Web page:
Underground Railroad by Colson Whitehead book cover

I would like to designate December National Quitting Awareness Month. After reading Seth Godin’s The Dip: A Little Book That Teaches You When to Quit (And When to Stick), I’m fired up to pare down before the New Year.

The slim volume argues that quitting (despite its poor reputation) is a key to success. Quit fast. Quit often. Quit without guilt, Godin urges. Because quitting worthless pursuits gives you the time, energy, and focus to obsess about something that matters.

“Just about everything you learned in school about life is wrong, but the wrongest thing might very well be this: Being well rounded is the secret to success,” he writes. “In a free market, we reward the exceptional.” And the exceptional have learned to quit strategically.

Godin argues that when you trade busyness for obsession, you win. When you spot a dead end a mile away and reverse course, you win. Never underestimate the costs of staying stuck, he warns. Dead-ends are not neutral. Idling burns gas and keeps you from going somewhere exciting. Quitting unworthy projects, investments, and endeavors is the shortcut to success.

Most people quit reactively. “They quit when it’s painful and stick when they can’t be bothered to quit,” he writes. His advice? “The next time you catch yourself being average when you feel like quitting, realize that you have only two good choices: Quit or be exceptional. Average is for losers.”

The “dips” that the book’s title refer to are the exceptions to the quitting rule. Unlike dead ends, Godin’s dips are temporary. They’re the barriers that thwart most but reward those who tough it out. “Your marketplace is competitive, filled with people overcoming challenges every day,” Godin writes. “It’s the incredibly difficult challenges (the Dips) that give you the opportunity to pull ahead.”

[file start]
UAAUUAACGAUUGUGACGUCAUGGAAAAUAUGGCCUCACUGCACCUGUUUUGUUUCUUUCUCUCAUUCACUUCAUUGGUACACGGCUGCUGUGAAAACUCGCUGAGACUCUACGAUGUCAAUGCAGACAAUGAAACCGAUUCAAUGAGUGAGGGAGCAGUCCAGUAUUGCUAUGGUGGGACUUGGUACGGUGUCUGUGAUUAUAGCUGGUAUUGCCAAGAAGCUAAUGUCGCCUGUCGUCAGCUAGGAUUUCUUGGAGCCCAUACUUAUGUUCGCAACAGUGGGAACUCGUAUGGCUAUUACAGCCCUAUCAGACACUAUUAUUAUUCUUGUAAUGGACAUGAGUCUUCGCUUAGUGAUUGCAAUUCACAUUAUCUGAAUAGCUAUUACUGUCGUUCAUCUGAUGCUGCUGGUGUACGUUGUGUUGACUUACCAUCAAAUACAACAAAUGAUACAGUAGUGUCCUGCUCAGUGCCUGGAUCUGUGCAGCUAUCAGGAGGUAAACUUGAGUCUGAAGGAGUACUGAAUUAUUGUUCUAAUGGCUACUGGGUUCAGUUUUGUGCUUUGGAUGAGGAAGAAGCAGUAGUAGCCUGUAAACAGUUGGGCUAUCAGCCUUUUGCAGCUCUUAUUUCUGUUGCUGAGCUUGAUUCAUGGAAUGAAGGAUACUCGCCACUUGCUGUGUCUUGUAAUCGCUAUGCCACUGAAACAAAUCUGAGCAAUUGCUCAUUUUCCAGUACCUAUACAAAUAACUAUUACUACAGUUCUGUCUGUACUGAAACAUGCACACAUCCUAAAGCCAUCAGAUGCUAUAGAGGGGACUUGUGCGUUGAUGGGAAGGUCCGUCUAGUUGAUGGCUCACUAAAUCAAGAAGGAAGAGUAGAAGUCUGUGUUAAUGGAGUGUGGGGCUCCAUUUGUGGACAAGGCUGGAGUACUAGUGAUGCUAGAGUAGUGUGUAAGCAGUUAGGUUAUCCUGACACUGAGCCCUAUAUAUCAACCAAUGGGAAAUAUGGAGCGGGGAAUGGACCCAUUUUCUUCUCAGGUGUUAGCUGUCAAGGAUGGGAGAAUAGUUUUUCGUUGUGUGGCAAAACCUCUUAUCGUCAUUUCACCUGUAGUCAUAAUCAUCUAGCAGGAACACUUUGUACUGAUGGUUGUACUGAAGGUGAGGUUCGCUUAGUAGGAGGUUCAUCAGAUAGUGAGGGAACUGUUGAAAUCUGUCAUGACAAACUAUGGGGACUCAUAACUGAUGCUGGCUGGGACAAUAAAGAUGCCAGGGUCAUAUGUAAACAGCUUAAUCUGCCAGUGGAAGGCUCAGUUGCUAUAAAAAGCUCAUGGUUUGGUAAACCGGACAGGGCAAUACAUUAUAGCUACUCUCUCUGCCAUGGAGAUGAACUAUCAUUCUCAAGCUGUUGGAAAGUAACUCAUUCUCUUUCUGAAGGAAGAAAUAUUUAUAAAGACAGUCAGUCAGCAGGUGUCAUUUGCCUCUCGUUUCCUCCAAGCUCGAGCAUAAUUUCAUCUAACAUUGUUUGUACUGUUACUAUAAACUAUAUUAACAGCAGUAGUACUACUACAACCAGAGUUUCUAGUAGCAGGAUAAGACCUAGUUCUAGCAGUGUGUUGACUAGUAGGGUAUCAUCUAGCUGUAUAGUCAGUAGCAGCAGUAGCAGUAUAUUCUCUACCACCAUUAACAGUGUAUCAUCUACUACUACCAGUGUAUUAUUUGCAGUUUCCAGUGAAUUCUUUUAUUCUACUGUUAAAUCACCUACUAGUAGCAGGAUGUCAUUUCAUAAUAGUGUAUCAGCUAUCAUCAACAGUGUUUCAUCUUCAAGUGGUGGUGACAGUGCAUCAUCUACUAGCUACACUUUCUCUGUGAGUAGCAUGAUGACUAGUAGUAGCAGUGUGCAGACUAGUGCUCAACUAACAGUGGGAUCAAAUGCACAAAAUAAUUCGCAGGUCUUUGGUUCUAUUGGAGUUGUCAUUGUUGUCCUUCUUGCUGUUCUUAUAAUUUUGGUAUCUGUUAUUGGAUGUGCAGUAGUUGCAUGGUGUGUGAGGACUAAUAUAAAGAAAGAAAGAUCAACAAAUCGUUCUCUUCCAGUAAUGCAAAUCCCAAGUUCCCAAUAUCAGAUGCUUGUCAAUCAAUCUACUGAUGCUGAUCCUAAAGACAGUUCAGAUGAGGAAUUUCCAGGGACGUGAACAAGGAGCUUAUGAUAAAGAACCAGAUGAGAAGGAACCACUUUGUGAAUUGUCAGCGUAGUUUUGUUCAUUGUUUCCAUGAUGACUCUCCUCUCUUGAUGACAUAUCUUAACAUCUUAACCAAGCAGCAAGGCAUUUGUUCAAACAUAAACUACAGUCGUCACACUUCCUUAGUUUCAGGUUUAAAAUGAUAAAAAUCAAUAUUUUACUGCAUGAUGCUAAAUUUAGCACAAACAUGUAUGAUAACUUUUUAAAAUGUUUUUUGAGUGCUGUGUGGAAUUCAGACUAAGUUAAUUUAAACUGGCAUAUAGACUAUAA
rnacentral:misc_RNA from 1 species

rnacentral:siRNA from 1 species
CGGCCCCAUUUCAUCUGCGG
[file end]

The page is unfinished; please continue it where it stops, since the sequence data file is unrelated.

He’s talking about entrepreneurship, but we can apply the insight to any period when our motivation is tested and our resources are stretched for our good. If excellence were easy, everyone would do it, and no one would profit, he insists.

Godin does advocate some quitting when laboring through a dip. Quit tactics, products, and features without hesitation while staying true to your market, he advises. The larger aim is to be a trusted source to a specific audience, not to foist an unwanted product on it. “Don’t fall in love with a tactic and defend it forever,” he writes. “Instead, decide once and for all whether you’re in a market or not. And if you are, get through that Dip.”

After reading The Dip, I’m examining all of my activities and deciding which are worthy of my time and talents. The resentment and fatigue that accompany some are sure signs that it’s time to move on. Cutting my losses, I now see, will give me the resources I need to tough out the dips in the commitments that matter. Why cope when you could quit? Why muddle along when you could push through?

Have you been stuck in a rut with work, personal, or volunteer projects this year? How do beliefs about quitting shape your decisions to continue or discontinue activities? Are some things easier for you to quit than others? If so, why?

Quote to Remember

“A woodpecker can tap twenty times on a thousand trees and get nowhere, but stay busy. Or he can tap twenty thousand times on one tree and get dinner.” – Seth Godin